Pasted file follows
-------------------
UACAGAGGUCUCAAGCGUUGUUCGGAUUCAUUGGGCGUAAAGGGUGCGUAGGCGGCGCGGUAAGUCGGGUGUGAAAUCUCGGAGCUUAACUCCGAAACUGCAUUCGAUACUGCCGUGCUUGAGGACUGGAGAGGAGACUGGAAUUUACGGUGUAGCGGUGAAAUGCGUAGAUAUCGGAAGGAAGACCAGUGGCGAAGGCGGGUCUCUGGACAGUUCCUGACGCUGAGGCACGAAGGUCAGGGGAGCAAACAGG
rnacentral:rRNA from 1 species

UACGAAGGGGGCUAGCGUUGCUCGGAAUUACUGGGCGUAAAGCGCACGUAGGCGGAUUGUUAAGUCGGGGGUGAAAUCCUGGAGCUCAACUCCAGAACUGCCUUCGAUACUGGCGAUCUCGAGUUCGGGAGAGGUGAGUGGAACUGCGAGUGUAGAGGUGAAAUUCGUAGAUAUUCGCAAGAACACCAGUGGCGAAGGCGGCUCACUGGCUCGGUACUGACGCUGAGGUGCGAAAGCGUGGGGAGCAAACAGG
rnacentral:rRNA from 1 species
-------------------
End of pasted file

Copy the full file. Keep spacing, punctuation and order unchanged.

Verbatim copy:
UACAGAGGUCUCAAGCGUUGUUCGGAUUCAUUGGGCGUAAAGGGUGCGUAGGCGGCGCGGUAAGUCGGGUGUGAAAUCUCGGAGCUUAACUCCGAAACUGCAUUCGAUACUGCCGUGCUUGAGGACUGGAGAGGAGACUGGAAUUUACGGUGUAGCGGUGAAAUGCGUAGAUAUCGGAAGGAAGACCAGUGGCGAAGGCGGGUCUCUGGACAGUUCCUGACGCUGAGGCACGAAGGUCAGGGGAGCAAACAGG
rnacentral:rRNA from 1 species

UACGAAGGGGGCUAGCGUUGCUCGGAAUUACUGGGCGUAAAGCGCACGUAGGCGGAUUGUUAAGUCGGGGGUGAAAUCCUGGAGCUCAACUCCAGAACUGCCUUCGAUACUGGCGAUCUCGAGUUCGGGAGAGGUGAGUGGAACUGCGAGUGUAGAGGUGAAAUUCGUAGAUAUUCGCAAGAACACCAGUGGCGAAGGCGGCUCACUGGCUCGGUACUGACGCUGAGGUGCGAAAGCGUGGGGAGCAAACAGG
rnacentral:rRNA from 1 species